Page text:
by Emma Mathew ’22 and Arshia Mathur ’22
Published Mar. 15, 2021
The recent Texas snowstorm has everyone wondering: How could such a forecast occur in a warm state like Texas? The answer: global warming. According to research about Arctic amplification, increasing temperatures can cause atmospheric patterns that produce snowfall. Moreover, global warming leads to increased evaporation, which ultimately results in increased precipitation. When the temperatures are cold enough, this precipitation is snow. This phenomenon is likely the explanation for the snowstorm in Texas.
On the first day of the snowstorm, Monday, temperatures were at an all-time low. Dallas had dipped to 5 degrees Fahrenheit, the lowest the city has seen since 1989. Many people lost power and had to duck tape their doors and windows, and due to the blackout, many residents had to seek shelter in their cars, hoping to stay warm and charge their electronics.
On Tuesday, this problem worsened as four million residents had lost power. Furthermore, officials reported a growing death toll. People suffered from hypothermia, house fires, drownings, car crashes, and carbon monoxide poisoning. Water leaks prompted San Angelo city officials to issue a boil-water and advise residents to drip their faucets to prevent frozen pipes.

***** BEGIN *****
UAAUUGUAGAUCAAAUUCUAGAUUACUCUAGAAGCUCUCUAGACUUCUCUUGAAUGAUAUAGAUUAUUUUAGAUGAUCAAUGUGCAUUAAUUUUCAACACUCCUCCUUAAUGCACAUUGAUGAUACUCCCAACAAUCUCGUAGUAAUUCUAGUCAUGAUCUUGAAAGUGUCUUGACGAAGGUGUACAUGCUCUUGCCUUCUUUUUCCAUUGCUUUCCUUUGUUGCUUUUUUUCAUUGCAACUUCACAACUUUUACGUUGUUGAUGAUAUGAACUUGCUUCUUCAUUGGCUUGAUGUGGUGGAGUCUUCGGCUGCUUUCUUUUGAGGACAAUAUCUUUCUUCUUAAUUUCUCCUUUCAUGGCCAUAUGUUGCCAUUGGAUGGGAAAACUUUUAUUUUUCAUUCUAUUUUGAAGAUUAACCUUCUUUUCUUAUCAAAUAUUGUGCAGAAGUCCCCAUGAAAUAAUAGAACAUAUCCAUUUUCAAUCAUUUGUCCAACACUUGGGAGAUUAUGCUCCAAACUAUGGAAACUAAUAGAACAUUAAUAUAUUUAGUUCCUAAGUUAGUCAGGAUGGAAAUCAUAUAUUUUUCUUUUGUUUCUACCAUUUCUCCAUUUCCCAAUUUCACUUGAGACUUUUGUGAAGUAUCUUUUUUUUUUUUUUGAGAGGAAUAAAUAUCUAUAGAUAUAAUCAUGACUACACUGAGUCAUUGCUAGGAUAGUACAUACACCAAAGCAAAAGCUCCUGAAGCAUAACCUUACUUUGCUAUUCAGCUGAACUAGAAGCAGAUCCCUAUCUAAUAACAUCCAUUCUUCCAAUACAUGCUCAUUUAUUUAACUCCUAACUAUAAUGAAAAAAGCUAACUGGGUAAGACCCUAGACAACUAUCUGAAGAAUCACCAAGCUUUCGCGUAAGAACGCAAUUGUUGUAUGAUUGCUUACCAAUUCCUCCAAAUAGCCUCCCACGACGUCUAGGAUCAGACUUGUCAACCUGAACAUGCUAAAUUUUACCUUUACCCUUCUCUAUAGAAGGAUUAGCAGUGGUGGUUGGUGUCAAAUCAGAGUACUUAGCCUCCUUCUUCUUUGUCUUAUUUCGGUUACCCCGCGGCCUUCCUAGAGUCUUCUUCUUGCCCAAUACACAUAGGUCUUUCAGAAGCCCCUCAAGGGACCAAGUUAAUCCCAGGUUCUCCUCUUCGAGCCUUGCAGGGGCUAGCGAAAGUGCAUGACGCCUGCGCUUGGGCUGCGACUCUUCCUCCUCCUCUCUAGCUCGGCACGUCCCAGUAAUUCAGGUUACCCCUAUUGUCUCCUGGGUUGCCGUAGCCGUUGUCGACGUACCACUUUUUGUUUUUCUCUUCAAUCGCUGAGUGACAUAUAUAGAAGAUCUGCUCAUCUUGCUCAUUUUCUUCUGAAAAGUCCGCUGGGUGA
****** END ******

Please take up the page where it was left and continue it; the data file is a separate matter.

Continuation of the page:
On Wednesday, at least 3.4 million residents were still out of power. Meanwhile, San Antonio authorities stated that they had to refill oxygen bottles at homes as residents were quickly running out of supplies. Bursting pipes in unheated homes were also hampering water plants. Consequently, at McMurry University, students had to use water from their campus swimming pool to flush their toilets.
By Thursday, the number of residents without power significantly decreased to 290,000. However, 13.5 million people still experienced water disruptions, with several people turning to snow to use as drinking water. Grocery stores also reported food shortages, their shelves practically empty.
Due to food shortages, more than 500 cars lined up on Friday morning at the San Antonio Food Bank. Its headquarters distributed bread, peanut butter, cakes, potatoes, onions, and other fresh produce to those who entered. However, there were still 190,000 homes and businesses without power. Water disruptions also persisted, with hospitals using rainwater to flush their toilets and people melting snow to use in their bathtubs. Furthermore, Austin lost 325 million gallons of water because of burst pipes.
On Saturday, the number of homes left without power decreased to 85,000. Biden also approved the federal emergency declaration, which offered more resources to the state. However, the number of people experiencing water disruptions escalated from 13.5 million to 15 million, about half of Texas’s population.
The devastating winter storm left millions without power, heat, food, and water. The storm also had detrimental effects on COVID-19 relief efforts, disrupting food banks and vaccine shipments. Arguably the greatest disaster in Texas’s history, the storm left the Lone Star State shivering in the cold.